Twyla Jones: Capturing Childhood

Childhood means happiness, it means fun and simplicity. If you look at the world with a child's eyes - it’s simple, it’s very beautiful. And we are almost sure that the talented photographer, Twyla Jones, is still a child at heart. She looks for magic everywhere. Based in the Treasure Coast of Florida, Twyla enjoys being around and capturing quirky kids - who are the main inspiration for her genuine, raw and lively photography work.
By the way, Twyla is also a proud owner of a stunning website, based on our Onyx design kit.

Twyla Jones: Capturing Childhood

Some would suppose that “working” with and photographing children is extremely exhausting and tiresome - because of the active and restless nature of children. While in some cases it may be true, Twyla assures us that the results, emotions and vibes that you get from a kids’ photoshoot are wholeheartedly worth it.


1.  Twyla, what is different when photographing kids as compared to adults?

Capturing childhood is certainly one of my greatest pleasures in life and the one thing that really drew me into learning the craft of photography to begin with. After I had my second child, I was yearning to create photographs that looked a lot more like they felt to me in that moment and my iPhone certainly wasn’t delivering. Once I understood the technical aspects of my camera I just began to let the light and my children guide me. Their natural curiosity and unquenchable thirst for adventure ensured that no two photographs would ever be the same. As I have gained more experience working with every age range, I always find myself refreshed and inspired when photographing children. I often find that adults are so much more reserved and look to me to tell them what to do, to tell them how to enjoy the moment, to give them permission to let themselves shine so that I can take a photograph that’s truly representative of who they are. Children are different. As long as I can keep up, get high, get low and go sideways and am always generously rewarded with authentic imagery.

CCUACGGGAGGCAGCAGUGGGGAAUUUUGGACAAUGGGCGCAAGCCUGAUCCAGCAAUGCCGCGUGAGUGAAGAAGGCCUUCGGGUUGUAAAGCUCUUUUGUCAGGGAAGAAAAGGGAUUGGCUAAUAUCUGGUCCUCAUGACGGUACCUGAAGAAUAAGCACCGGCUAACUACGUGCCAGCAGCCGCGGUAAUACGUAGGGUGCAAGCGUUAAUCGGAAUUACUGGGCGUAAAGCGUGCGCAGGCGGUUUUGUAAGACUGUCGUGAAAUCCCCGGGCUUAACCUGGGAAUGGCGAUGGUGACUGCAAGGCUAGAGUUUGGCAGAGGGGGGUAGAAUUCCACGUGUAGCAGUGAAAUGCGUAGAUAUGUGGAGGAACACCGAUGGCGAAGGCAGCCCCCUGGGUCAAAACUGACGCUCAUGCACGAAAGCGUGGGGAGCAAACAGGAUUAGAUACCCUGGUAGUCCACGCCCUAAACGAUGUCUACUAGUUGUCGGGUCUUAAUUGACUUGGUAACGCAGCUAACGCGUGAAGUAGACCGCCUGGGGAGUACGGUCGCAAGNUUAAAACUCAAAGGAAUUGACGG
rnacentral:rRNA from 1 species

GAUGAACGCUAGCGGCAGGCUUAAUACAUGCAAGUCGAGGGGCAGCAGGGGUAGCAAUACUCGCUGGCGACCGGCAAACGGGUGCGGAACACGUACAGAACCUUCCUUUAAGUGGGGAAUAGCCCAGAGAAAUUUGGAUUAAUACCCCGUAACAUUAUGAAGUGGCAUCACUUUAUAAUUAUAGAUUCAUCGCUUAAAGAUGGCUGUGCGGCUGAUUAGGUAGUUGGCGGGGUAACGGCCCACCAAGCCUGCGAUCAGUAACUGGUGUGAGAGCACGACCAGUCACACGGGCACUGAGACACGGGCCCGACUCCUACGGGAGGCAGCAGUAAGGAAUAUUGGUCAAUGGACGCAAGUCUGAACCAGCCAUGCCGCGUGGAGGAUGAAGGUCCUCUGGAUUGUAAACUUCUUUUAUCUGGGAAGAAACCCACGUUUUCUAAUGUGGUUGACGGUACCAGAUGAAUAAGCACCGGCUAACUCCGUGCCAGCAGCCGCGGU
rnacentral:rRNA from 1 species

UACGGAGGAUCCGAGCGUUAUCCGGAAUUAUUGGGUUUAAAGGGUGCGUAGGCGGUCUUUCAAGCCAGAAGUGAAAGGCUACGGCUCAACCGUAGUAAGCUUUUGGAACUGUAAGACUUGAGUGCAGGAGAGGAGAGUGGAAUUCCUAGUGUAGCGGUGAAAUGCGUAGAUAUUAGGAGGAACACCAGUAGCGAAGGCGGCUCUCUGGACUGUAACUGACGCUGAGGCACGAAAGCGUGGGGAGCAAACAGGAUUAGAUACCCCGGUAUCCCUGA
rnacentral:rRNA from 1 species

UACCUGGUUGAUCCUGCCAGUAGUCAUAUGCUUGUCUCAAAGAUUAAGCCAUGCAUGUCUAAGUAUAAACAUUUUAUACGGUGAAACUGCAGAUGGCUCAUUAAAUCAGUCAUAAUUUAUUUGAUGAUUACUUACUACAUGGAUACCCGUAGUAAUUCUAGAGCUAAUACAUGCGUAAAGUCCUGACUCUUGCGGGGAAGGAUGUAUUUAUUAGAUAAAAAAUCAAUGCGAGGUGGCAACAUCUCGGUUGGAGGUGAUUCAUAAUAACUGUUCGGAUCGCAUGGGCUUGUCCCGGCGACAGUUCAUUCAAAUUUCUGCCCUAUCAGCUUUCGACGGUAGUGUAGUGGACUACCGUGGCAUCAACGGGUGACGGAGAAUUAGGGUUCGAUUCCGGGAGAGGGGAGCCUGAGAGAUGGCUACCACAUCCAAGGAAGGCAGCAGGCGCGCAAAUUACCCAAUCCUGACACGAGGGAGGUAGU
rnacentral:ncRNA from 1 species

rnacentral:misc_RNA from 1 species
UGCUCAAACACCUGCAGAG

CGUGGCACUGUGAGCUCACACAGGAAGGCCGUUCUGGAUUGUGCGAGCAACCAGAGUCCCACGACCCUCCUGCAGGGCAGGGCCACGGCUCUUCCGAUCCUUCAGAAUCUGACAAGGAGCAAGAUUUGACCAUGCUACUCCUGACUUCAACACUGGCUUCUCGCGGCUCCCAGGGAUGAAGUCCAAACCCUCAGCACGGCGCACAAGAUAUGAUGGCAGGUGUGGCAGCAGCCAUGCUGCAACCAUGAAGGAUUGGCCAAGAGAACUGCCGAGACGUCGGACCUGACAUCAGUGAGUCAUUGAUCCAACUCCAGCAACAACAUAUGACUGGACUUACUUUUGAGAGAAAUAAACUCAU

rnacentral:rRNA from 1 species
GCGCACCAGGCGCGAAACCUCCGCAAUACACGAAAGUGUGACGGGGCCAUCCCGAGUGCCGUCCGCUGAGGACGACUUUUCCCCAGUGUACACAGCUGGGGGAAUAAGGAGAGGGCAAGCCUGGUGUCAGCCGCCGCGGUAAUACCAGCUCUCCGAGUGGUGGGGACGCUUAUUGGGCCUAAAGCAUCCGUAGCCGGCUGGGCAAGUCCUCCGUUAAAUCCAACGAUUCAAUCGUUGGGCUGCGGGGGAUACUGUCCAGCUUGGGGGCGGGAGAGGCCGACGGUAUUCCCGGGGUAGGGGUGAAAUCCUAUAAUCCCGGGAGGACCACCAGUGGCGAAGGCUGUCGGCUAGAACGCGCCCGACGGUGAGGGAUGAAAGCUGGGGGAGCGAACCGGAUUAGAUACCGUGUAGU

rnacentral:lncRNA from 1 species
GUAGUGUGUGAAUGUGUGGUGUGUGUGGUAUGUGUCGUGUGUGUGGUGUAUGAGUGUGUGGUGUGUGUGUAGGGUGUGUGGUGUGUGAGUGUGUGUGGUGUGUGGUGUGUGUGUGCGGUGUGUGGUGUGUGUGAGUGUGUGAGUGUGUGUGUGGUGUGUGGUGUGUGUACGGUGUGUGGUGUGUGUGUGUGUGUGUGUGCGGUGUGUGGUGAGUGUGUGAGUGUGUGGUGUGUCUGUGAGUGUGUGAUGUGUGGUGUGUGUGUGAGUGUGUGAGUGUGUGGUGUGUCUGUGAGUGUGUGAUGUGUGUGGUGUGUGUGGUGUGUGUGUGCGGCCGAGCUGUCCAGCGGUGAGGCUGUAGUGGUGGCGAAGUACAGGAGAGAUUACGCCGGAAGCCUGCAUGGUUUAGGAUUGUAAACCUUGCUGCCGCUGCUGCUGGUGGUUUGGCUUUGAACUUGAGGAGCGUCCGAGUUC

2.  How do you get children to stay still and “behave”?

I’ve often been asked how to get a child to stay still or how to make them laugh and behave. The truth is, I’m not really interested in doing any of that. I want the adventure and the fun. Being a kid is rarely about sitting still. Patience is the key to getting the shots you go into a shoot wanting. If I hope to capture a photograph of a child laughing I better be funny or wait for them to inevitably crack themselves up, and they usually do. If I want to photograph a warm embrace with a parent I guide them as I can, but have also found it usually happens naturally throughout the session anyway.